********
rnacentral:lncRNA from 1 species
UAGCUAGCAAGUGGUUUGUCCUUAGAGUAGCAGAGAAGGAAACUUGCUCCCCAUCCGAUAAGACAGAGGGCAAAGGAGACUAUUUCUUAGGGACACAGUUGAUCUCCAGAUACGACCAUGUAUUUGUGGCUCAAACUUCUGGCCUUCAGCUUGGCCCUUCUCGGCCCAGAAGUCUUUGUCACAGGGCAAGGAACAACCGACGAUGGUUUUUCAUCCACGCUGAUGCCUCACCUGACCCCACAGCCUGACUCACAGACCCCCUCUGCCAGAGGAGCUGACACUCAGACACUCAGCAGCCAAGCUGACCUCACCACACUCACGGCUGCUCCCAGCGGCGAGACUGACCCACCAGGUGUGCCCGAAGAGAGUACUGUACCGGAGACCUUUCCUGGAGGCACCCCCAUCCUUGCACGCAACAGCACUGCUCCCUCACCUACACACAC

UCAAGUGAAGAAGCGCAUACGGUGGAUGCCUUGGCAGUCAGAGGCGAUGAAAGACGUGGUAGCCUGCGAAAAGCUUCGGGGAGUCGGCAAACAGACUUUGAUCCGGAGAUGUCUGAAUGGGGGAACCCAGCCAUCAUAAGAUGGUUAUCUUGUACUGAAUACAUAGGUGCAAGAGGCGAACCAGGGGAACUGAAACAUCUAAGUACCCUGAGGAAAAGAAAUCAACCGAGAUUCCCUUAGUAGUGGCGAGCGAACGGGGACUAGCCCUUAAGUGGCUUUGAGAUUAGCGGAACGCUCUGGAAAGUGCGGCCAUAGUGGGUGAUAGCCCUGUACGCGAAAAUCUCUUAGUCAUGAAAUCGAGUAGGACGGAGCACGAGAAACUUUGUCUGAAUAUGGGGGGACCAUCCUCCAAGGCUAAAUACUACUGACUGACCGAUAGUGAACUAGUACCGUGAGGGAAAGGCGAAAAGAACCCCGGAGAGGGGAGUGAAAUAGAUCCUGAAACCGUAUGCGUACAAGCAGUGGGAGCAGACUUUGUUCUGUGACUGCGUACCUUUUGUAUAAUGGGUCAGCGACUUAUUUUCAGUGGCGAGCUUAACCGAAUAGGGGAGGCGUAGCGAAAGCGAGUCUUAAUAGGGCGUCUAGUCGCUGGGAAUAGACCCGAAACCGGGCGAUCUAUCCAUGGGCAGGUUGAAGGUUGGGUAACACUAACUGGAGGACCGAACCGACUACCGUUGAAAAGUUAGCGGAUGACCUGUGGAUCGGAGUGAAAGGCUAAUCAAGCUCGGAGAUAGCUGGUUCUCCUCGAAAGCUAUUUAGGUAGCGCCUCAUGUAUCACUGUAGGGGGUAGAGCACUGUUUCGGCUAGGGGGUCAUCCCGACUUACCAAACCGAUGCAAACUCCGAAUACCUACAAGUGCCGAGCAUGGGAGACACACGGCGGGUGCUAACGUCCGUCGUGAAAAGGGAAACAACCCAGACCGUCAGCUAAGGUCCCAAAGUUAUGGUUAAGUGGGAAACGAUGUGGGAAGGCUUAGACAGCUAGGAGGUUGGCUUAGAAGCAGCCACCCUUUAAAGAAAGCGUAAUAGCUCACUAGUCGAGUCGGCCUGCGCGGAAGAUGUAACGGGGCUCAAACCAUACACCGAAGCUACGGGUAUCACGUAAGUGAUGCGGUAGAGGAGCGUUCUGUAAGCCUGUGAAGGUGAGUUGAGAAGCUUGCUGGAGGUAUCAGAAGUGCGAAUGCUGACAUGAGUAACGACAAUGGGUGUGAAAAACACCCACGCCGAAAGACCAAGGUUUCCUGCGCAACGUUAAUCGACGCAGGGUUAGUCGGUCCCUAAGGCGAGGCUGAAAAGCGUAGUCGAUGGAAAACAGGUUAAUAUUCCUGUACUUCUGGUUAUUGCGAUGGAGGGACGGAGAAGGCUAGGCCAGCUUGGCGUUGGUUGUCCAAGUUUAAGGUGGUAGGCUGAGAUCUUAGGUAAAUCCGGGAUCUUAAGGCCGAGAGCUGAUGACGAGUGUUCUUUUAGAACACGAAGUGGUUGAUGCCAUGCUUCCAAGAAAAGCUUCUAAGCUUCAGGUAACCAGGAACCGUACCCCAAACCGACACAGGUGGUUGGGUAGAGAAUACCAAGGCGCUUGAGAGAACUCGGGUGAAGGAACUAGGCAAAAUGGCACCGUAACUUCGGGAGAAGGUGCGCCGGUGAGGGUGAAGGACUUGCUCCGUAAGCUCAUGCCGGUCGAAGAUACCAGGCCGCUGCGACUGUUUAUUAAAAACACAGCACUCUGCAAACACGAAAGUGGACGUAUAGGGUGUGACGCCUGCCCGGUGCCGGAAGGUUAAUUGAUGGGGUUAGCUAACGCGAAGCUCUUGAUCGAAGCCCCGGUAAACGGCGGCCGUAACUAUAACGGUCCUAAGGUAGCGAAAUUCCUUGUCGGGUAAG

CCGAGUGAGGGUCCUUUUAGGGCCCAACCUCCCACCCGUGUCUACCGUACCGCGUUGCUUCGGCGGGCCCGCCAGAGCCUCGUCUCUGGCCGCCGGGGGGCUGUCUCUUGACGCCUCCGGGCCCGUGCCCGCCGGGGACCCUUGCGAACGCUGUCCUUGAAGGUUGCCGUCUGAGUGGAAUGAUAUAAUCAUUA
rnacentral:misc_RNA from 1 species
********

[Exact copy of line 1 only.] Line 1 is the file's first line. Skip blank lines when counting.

rnacentral:lncRNA from 1 species